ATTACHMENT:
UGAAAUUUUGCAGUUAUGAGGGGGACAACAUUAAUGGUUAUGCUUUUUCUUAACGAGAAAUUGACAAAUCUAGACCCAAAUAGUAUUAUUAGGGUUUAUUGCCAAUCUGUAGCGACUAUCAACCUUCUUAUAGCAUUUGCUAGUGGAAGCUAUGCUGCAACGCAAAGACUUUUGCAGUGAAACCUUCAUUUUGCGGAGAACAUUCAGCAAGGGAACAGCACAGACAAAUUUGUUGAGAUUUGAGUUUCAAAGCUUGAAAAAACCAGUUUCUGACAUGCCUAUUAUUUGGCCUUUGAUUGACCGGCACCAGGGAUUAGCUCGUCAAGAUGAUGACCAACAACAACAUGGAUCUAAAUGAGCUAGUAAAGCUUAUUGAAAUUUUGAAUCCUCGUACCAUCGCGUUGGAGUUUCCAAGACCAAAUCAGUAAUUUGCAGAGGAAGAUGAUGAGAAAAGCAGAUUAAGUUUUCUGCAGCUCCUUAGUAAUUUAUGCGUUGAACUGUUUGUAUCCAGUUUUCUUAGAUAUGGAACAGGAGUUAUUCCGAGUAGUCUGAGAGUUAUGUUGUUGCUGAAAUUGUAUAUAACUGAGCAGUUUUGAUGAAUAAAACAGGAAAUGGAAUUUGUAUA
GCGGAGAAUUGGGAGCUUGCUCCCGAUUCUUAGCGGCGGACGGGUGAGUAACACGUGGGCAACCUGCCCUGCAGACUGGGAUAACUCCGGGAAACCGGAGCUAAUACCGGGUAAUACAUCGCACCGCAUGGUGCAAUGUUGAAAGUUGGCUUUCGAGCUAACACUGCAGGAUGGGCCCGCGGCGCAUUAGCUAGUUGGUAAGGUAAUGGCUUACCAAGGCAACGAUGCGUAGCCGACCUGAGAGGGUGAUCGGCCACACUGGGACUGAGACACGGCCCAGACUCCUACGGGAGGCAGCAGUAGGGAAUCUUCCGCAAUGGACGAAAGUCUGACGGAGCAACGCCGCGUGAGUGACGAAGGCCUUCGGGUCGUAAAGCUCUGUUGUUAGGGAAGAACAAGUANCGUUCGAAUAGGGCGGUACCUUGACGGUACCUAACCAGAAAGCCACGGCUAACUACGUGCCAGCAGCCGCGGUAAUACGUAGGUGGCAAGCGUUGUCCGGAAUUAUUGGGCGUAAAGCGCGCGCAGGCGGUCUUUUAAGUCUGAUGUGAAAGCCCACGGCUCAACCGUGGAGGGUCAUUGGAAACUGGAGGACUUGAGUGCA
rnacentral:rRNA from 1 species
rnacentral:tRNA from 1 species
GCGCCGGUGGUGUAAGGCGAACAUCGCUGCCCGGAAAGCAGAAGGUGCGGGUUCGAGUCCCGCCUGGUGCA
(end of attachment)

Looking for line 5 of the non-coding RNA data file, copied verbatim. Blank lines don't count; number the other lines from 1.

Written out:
GCGCCGGUGGUGUAAGGCGAACAUCGCUGCCCGGAAAGCAGAAGGUGCGGGUUCGAGUCCCGCCUGGUGCA